• Complete a Personal Privilege Profile by the Interaction Institute for Social Change, 2011. This can help you understand how your background and experiences may have given you advantages or disadvantages, compared to other members of your community.
  • Research the role of systemic racism in the U.S., through sources such as Social Justice and Liberation Centered Books, Websites and Articles compiled by Inclusive Therapists. This can help you understand how race has impacted policies and how race shapes the experience of every American, whether they know it or not.

Do your research.

At an interpersonal level, service providers who want to discuss race, racism, and anti-racism with refugee clients need to grow “race equity muscles.” That is, they need to build competence and confidence to deal with race and bias issues when they arise in conversations and interactions. Service providers can develop these “muscles” by educating themselves about how to talk about race. It is important for service providers to do this work themselves rather than relying on others to educate them, or avoiding topics about race altogether. Akoumany calls this “world school” and offers advice for service providers: “Ask them [refugee clients] about their experiences, take notes, be open and honest—show them you are thinking about their journey, their emotional journey. Don’t assume anything; ask them.”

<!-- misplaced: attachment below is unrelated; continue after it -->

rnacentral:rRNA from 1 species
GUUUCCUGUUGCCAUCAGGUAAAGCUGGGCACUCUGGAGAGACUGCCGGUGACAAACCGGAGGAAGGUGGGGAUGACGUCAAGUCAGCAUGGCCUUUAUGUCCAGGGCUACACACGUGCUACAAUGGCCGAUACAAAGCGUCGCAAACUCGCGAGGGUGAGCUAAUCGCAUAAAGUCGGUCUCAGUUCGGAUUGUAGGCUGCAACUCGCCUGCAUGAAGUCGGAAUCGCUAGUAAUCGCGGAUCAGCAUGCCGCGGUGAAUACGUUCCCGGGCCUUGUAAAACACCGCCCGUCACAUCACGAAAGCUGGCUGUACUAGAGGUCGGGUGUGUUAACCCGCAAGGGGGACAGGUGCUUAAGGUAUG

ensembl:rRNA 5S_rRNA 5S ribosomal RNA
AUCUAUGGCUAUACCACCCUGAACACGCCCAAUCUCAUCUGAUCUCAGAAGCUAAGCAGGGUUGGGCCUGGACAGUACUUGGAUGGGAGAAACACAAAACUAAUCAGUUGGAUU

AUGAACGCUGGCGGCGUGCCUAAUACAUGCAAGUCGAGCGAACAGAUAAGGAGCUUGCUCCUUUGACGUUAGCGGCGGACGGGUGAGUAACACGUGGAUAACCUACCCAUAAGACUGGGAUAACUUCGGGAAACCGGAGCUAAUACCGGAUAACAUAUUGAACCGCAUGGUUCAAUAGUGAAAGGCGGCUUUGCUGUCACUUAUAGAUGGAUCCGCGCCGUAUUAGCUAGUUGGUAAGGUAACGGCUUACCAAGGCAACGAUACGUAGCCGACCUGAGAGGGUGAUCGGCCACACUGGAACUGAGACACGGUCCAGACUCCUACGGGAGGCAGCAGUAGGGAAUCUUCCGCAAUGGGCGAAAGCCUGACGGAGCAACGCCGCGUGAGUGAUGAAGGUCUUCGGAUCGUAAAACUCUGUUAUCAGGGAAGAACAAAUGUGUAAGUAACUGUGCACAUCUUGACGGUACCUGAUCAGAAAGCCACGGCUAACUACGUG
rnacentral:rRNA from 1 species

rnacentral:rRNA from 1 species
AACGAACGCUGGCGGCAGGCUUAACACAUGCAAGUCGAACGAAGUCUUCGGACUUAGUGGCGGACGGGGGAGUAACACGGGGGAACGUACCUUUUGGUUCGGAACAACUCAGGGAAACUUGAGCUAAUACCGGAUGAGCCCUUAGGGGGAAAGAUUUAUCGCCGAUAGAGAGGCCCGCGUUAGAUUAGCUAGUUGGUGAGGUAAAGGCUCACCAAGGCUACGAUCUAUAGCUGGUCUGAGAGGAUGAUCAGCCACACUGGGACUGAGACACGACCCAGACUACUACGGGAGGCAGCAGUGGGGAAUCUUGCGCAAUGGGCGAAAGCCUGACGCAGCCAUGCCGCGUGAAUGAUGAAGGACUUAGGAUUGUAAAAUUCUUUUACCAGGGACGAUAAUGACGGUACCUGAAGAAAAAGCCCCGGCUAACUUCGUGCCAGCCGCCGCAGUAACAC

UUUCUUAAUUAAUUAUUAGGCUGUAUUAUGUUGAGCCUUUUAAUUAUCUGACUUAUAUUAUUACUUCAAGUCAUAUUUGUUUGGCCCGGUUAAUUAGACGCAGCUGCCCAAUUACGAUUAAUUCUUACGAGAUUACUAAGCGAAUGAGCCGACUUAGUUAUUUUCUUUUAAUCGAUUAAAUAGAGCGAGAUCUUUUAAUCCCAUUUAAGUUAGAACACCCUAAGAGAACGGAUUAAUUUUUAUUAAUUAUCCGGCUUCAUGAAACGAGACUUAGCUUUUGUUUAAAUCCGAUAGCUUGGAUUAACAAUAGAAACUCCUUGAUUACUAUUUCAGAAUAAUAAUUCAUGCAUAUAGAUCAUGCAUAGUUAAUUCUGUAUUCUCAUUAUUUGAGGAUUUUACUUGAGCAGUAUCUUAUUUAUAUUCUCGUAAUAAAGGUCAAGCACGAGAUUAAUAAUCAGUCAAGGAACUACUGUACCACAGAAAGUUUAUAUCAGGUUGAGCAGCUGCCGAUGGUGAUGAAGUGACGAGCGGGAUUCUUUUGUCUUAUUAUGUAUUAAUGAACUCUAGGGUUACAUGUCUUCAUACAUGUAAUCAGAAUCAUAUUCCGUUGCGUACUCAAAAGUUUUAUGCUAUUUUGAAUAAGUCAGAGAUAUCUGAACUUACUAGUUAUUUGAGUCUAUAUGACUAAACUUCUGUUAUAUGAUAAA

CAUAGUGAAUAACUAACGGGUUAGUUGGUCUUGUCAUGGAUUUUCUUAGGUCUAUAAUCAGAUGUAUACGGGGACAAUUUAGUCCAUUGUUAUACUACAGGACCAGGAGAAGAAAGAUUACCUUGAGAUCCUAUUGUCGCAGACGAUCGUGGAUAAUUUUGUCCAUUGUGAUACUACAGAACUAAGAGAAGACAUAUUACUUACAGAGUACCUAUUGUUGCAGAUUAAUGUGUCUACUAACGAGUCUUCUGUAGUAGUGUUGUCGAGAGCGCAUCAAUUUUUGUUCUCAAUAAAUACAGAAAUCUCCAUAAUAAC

Resources on Race, Refugee Resettlement, and Immigration

Experience of Black Refugees in the U.S. – This July 22, 2020 webinar was organized by TENT Partnership for Refugees and featured Dr. Tsehaye Teferra, Founder, CEO, and President of the Ethiopian Community Development Council (ECDC).